Sunday, April 6, 2014

My Writing Process

Anna Belfrage tagged me for this blog hop about my writing process.

Anna is the author of the Graham Saga, a time travel about modern-day Alexandra who slips through time to 1658 Scotland, where she meets Matthew Graham. The story is now five novels long with more to come. Visit Anna on her blog here:

There are four questions for me to answer:

1. What are you working on?

I write mainly sweet Regency romances with comedy, and sometimes add paranormal, fantasy and science fiction. My current project is straight historical, the third book of my Love and the Library series, wherein four gentlemen meet their matches over a copy of Pride and Prejudice at the library.

2. How does your work differ from others in the genre?

Most Regencies are Cinderella stories: filthy rich, powerful, gorgeous noblemen, beautiful, if generally poor ladies who are nice and nothing more, and opulent houses, clothes and jewels. I call these “Georgians in disguise” because they hark back to the 18th century when noblemen ruled the roost. But the Regency was the start of our modern world, when what people did became more important than their parentage. I like the era because it’s far enough in the past for some fantasy, but not too far back to be unrecognizable.

Although my leads are all gentry, most of my heroes are younger sons who have to work for a living. My heroines are also usually poor: widows or ladies with small dowries who also must work. My heroes can be mathematicians, bankers, teachers and tutors. My heroines can be botanists, teachers, companions, ladies interested in finance, and mathematicians. While I can have filthy rich noblemen in my stories, they realize the world is changing, and they change along with it.

3. Why do you write what you do?

I like comedy, Regency, happy endings, astronomy and birds, mainly ducks. So, I write comedy Regency romances, and I often put birds and astronomy into the stories.

There can be birds all over the place, as in An Inheritance for the Birds. The “birds” in the title are mallard ducks, fourteen of them with names like Felizarda, Obadiah (the star) and Busick. A cranky goose is a main character in my Halloween story, Pumpkinnapper. And there are ducks in all of my Love and the Library books. If you want a really cranky goose, wait until you see the Christmas story I’m going to put out in the fall.

Astronomy and science fiction figure in my time travel, Lady of the Stars. The twenty-first century heroine is an astronomer, and the hero is a mathematician interested in astronomy. For more science fiction, I have A Gift from the Stars. Both hero and heroine are interested in astronomy, and the heroine finds a miraculous stone a man who landed in a spaceship left behind.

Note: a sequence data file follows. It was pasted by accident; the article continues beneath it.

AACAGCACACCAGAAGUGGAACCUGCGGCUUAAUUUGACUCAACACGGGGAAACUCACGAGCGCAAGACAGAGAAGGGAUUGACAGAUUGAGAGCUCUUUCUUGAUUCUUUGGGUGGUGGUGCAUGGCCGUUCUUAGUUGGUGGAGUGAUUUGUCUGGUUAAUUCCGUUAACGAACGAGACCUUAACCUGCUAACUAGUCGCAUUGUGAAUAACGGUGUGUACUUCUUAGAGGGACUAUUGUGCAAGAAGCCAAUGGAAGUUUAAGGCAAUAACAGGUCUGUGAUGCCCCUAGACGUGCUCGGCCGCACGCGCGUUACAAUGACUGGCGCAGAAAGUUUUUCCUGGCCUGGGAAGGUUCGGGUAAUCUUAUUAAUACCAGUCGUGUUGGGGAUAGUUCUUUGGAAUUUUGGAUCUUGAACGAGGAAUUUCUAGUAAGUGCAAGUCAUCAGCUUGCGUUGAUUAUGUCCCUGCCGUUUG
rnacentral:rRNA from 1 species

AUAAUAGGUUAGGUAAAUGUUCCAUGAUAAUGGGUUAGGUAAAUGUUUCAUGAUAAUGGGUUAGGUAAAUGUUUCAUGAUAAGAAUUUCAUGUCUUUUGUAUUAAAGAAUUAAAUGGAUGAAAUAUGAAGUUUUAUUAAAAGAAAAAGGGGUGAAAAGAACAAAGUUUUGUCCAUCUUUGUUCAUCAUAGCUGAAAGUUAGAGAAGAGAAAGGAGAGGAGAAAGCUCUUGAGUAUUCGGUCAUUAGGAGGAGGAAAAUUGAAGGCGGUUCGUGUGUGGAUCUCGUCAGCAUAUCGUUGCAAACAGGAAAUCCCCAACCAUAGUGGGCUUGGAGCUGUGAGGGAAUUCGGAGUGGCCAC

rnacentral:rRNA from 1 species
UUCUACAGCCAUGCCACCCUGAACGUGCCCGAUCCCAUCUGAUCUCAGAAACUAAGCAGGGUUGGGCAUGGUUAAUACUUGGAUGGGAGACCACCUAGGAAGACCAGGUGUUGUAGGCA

There’s fantasy in my Christmas story, Mistletoe Everywhere, and Gifts Gone Astray is my how-to-write-sex-without-writing-sex story. :)

4. How does your writing process work?

I’m a pantser, which means I don’t plot, per se. The more polite term is organic writer because the story grows as I go along. I start with an idea, and let it take me where it will. I have to change things and move sections around a lot, but, somehow, everything gets together in the end.

I write and I rewrite and then I rewrite some more. I like to rewrite. I find it amazing how much better a sentence can become when I rewrite it. And when I’m all done, I go through and vary the words I use most often because repeated words can wear on you after a while. So, for “face” I will alternate with “visage”, “aspect” and “countenance”. I doubt anyone notices, but that’s part of what I do. Then I go through the spell checker and send the story off for editing. I let the book rest for a week or two, and reread it and rewrite some more. Even a short break lets me see things I didn't notice before. Also, reading the story from the beginning brings up things that don’t fit or that I repeated. Then the spell checker again, a final read to catch the typos the spell checker missed, and then I format.

To give you some idea of how much I rewrite, I number the versions as I go along. The story starts with version 1. Whenever I make significant changes, writing new material or rewriting, I increment the number. As an example, A Gift from the Stars, 71,000 words, had 207 versions before I called it done.

On to the New

Lindsay Townsend
Lindsey writes across a large range of romance, from contemporaries to historicals to mysteries to thrillers. Her main focus now is medieval romance. Great minds must think alike, because her characters, like mine, are usually ordinary people. Her stories put them in extraordinary circumstances, which brings out their latent heroism. Her latest book is the medieval, Bride for a Champion, and she’s now working on the sequel to another medieval romance, Mistress Angel. I’ve read the new story in ARC, and if you liked Mistress Angel, you’ll love this one. See her post here:

Thank you all,

The picture is a page from The Canterbury Tales from Wikipedia

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